In the corridors of Brussels’ elegant Stanhope Hotel on Wednesday afternoon, the well-turned-out movers-and-shakers of the European energy world were marvelling at the sizeable budget and high-profile guest list for the event they were attending.
Soon to share a dais were Günther Oettinger, the European energy commissioner; his Russian counterpart, Sergey Shmatko; Alexei Miller, the chairman of Russia’s Gazprom; and Paolo Scaroni, the chief executive of Italy’s Eni. The ballroom was appointed with flat-screen video monitors and rows of chairs with corporate gift boxes.
The event was a sort of a Brussels coming-out party (and charm offensive) for South Stream, a Gazprom-backed pipeline project that aims to carry Russian and Caspian gas under the Black Sea to Bulgaria, where it would then fork off to Italy and Austria. South Stream’s backers, which include Eni, and now BASF, are due to decide next year whether or not to push ahead with the €15.5bn investment necessary to complete the sprawling project.
There is one big problem hanging over South Stream: it is a direct competitor to the rival Nabucco pipeline backed by the European Commission. For the Commission, the great appeal of Nabucco is that it would bring Azeri gas to Europe while skirting Russia and Ukraine, thus helping to ease Europe’s dependence on its biggest supplier and transit country, both of which have proven dangerously unreliable in the past.
In Brussels, officials tend to regard South Stream warily as a spoiler devised to thwart Nabucco and extend Russia’s dominance over the European energy market. Hence the fancy party, and the determination to prove that South Stream might be something else.
> South Stream On The Map Of Europe
> Specifications of the South Stream Project
One after another, Miller, Scaroni and others took turns praising its virtues, arguing that their pipeline would be essential to help quench an ever-increasing European demand for gas, particularly at a time when nuclear energy appears to be in retreat.
Oettinger, whose remarks were the most anticipated, proceeded cautiously, explaining that he had come to the event “to listen and to learn.” South Stream gas could help Europe’s goal of diversification by tapping into new supplies and a new transit route, he conceded. He also promised that the EU would not impose undue administrative burdens on the project.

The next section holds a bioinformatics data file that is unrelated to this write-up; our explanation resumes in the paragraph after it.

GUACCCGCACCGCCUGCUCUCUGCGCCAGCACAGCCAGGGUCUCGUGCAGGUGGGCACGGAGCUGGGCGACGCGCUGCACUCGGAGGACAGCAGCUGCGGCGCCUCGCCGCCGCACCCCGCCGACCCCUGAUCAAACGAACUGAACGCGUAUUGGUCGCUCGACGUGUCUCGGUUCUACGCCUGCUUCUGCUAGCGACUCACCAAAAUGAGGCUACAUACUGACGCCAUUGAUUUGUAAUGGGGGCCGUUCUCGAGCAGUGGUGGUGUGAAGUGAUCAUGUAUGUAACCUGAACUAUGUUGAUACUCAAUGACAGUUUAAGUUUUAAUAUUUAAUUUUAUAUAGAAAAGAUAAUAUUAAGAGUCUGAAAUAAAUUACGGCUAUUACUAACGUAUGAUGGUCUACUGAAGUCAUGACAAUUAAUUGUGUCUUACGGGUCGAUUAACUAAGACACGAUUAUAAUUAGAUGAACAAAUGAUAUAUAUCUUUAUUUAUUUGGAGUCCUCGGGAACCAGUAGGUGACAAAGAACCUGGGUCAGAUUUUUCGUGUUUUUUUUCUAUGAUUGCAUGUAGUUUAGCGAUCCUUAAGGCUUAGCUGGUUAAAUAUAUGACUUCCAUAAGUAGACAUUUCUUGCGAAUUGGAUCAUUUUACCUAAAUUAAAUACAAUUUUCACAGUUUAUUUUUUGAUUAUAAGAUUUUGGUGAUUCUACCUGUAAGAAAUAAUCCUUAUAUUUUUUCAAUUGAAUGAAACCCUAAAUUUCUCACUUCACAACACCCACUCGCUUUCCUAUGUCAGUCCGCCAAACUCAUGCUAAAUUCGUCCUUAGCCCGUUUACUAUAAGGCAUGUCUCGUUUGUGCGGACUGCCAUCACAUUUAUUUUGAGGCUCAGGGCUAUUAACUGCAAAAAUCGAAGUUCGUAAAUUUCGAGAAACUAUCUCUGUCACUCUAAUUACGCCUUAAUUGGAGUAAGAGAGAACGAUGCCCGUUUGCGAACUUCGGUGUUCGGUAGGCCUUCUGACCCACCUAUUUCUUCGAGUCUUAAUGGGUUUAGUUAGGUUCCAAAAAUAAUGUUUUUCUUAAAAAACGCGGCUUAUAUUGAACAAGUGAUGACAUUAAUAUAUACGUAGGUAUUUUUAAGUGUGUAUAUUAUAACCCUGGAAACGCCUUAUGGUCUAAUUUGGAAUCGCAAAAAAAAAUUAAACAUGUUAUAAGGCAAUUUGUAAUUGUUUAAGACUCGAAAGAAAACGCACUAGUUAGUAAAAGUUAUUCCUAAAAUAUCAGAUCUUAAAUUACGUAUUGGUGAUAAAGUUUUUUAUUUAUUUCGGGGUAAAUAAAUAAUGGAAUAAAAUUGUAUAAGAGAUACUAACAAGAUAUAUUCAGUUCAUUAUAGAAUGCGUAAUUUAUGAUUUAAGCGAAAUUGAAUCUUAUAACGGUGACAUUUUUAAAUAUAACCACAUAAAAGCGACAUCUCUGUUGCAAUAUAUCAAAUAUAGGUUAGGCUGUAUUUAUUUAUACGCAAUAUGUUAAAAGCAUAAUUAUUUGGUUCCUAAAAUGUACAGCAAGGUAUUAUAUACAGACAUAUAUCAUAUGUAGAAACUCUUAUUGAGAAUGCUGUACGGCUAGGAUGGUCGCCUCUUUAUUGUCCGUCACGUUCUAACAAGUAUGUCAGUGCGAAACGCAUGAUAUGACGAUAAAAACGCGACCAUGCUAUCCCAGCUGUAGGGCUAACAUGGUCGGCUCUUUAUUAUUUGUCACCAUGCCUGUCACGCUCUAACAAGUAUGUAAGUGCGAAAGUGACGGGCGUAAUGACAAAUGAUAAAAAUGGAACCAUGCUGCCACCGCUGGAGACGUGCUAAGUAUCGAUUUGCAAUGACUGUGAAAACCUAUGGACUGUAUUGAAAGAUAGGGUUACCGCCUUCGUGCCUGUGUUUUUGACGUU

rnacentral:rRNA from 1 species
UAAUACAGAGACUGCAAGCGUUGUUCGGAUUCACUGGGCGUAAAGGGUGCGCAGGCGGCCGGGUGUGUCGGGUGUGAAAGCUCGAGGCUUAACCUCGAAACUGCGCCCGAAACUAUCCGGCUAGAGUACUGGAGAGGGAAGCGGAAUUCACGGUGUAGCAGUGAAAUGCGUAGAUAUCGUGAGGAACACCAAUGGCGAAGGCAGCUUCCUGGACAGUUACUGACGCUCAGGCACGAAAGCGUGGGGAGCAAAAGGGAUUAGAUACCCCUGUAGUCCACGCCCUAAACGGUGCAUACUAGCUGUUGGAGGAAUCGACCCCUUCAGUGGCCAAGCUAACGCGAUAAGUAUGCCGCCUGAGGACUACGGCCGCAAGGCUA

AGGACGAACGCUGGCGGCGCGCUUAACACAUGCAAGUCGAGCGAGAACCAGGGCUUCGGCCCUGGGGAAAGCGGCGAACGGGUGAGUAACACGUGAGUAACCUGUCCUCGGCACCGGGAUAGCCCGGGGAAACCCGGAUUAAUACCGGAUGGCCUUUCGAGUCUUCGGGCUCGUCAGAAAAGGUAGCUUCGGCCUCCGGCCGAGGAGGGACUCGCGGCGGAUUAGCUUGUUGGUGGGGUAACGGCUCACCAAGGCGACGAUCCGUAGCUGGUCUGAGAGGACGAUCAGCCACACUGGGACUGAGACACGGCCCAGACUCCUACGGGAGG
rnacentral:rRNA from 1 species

But, to the disappointment of his hosts, the commissioner insisted that the EU would enforce its energy liberalisation rules on any pipeline crossing into its territory. Those rules would require Gazprom to open South Stream to independent suppliers, something the vertically-integrated Russian company is loath to do.
Undaunted, the project’s advocates pressed the case that Europe had nothing to fear from Russia. Shmatko argued that the two parties were, in fact, inter-dependent, since Europe was Russia’s biggest energy customer. In a well-tuned historical reference, he argued that such mutual dependence was at the heart of the peaceful bargain that France and Germany struck when they launched the EU.
Miller, meanwhile, insisted that Gazprom’s pipeline investments were not a threat to EU projects, but a sign of its commitment to be a truly reliable supplier. “In the 21st century, we can supply as much gas to Europe as Europe will demand,” he promised.
The business case for South Stream certainly seems more appealing at a time when Nabucco is being plagued by doubts about its projected costs and whether its backers can round up enough gas to fill the pipe. Just last month, they announced a one-year delay to the project.
Oettinger, however, left early. The most significant message of the afternoon might have come from someone who was not even in the room: it was an email from the commissioner’s assistant, which arrived in the middle of the South Stream presentation, reminding reporters: “EU strategy has not changed. Southern Corridor – including Nabucco – is EU priority.”